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Literary Arts Section :: Page 3
In this month’s poem, villager Janeal Turnbull Ravndal meditates on marriage, aging and the loss of balance, leading to new forms of grace.
The 39th annual Yellow Springs Book Fair will be held Saturday, Aug. 17, 8 a.m.–4 p.m., on the grounds of Mills Lawn.
What do objects want? This month’s poem by Reilly Dixon enters the world of objects.
What happens to those who came before us also happens to us. In a poem by villager Maxine Skuba, world history and personal history touch hands.
This month’s poems come from longtime villager Rubin Battino, who has been writing three-line poems for decades. “We hit it off,” he said of the short form, his own adaptation of haiku.
“There’s just no accounting for happiness,” begins a poem I love by Jane Kenyon. Happiness in this poem is a gift, a grace, as it seems to be in this month’s poem from musician Carl Schumacher.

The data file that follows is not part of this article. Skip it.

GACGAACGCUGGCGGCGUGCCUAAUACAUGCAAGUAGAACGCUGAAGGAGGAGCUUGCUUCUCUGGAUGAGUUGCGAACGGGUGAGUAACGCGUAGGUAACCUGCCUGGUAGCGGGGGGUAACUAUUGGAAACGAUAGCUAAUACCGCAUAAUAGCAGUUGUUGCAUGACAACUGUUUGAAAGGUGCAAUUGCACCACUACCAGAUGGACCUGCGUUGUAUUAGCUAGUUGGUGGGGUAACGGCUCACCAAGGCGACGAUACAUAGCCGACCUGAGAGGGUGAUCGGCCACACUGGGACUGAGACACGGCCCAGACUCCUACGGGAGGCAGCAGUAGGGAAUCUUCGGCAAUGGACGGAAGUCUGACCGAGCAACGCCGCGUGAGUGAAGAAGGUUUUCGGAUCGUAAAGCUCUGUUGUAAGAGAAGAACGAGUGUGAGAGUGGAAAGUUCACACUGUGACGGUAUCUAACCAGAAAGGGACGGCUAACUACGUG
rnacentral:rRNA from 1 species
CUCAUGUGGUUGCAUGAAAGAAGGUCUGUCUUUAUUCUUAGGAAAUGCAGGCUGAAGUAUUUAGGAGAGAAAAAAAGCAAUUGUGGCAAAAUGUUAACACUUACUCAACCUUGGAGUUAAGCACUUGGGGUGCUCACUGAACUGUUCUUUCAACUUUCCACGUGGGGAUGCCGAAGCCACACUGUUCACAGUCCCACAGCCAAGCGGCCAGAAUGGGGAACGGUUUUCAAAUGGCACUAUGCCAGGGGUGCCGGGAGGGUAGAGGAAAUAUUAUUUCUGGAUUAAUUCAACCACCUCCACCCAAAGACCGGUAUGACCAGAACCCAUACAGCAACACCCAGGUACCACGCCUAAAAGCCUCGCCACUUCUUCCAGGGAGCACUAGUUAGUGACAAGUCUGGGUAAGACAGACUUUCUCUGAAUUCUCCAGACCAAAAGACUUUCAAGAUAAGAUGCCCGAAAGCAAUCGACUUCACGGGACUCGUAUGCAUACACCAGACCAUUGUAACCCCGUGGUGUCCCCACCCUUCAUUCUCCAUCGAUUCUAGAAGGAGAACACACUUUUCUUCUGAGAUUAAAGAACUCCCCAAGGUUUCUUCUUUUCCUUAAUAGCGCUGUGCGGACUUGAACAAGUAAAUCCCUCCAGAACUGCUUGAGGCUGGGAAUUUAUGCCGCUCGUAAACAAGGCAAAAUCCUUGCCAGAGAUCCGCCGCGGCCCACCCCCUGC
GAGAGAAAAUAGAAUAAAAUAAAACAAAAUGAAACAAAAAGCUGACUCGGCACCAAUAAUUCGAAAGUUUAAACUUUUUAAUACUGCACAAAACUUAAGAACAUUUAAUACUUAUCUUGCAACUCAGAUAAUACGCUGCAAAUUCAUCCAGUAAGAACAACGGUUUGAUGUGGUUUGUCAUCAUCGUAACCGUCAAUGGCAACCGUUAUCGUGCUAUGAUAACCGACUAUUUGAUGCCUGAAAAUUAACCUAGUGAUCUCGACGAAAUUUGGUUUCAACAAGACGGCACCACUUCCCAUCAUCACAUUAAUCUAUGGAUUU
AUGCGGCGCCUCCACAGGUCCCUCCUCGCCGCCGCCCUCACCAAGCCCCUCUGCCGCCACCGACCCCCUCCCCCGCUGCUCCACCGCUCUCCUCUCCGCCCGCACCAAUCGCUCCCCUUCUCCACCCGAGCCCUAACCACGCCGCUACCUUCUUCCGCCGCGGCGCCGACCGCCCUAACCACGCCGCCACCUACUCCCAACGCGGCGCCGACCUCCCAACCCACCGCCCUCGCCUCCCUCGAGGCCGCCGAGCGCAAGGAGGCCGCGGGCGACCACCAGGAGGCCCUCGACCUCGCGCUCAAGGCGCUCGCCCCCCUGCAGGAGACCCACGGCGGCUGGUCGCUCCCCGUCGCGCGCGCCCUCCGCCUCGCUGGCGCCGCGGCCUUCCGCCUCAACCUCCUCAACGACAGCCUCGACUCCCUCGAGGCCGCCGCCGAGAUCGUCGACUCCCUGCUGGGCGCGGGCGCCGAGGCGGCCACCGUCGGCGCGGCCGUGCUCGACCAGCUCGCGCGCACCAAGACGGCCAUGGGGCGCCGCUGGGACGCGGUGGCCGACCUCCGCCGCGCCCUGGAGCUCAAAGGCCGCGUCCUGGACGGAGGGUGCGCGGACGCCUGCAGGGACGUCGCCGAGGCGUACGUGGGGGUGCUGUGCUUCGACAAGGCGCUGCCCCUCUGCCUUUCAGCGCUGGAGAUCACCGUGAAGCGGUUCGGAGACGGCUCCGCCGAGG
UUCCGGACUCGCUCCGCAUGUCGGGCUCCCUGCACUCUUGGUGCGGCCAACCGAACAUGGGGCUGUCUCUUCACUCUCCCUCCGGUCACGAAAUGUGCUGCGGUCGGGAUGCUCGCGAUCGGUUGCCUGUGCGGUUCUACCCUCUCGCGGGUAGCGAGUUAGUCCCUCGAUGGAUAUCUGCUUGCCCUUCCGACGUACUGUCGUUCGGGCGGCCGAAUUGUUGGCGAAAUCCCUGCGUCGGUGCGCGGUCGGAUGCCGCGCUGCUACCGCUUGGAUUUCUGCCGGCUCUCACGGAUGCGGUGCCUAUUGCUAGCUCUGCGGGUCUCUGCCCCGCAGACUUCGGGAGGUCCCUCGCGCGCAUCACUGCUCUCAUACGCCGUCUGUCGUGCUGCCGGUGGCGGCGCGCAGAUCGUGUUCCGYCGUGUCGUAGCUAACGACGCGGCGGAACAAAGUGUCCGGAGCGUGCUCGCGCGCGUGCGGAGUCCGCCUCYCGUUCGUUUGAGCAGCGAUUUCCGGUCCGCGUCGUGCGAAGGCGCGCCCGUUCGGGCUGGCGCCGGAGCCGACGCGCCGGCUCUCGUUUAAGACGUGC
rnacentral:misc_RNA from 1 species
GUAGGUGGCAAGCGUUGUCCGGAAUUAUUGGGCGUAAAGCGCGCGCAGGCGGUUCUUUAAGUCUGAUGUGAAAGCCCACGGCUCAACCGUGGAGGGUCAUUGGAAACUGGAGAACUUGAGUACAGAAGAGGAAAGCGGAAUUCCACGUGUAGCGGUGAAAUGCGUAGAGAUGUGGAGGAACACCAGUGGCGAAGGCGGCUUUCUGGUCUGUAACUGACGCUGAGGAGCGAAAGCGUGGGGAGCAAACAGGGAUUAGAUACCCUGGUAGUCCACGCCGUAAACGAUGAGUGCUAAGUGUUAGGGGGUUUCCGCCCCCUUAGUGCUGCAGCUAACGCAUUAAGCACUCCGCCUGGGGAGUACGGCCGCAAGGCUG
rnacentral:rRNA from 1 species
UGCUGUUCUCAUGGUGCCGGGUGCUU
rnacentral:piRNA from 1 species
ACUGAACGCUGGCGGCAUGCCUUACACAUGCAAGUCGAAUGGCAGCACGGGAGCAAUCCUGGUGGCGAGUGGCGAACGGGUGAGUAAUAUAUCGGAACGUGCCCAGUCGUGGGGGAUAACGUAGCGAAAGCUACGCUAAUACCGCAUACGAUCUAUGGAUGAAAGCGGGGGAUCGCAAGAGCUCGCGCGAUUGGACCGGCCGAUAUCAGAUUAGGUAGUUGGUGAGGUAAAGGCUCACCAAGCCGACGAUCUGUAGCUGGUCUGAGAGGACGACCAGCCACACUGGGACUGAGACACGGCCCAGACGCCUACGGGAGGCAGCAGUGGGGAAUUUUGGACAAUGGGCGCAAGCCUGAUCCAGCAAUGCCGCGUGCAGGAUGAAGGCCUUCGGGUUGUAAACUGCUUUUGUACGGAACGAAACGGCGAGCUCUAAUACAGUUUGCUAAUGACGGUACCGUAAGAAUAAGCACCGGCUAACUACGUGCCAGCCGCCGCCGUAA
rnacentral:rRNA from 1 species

The page has turned for a beloved local literary institution with deep roots in Yellow Springs.In a March 22 press release, the board of trustees for Antioch Writers’ Workshop announced the workshop’s closure after 33 years.
Spring. We become aware of it not just by the calendar, but more viscerally by signs. By firsts, as in this poem by local writer and teacher Ed Davis.
There is enormous freedom in a poem. It is the same freedom found within the human mind. This month, a poem, or a spacious poem-prayer, by villager Moriel Rothman-Zecher.
Mary Oliver is the lovely, lambent consciousness of every poem she wrote in praise of heron and hawk, windflower and black oak, lightning and first snow. It is she who went out into the world, she who scribbled notes.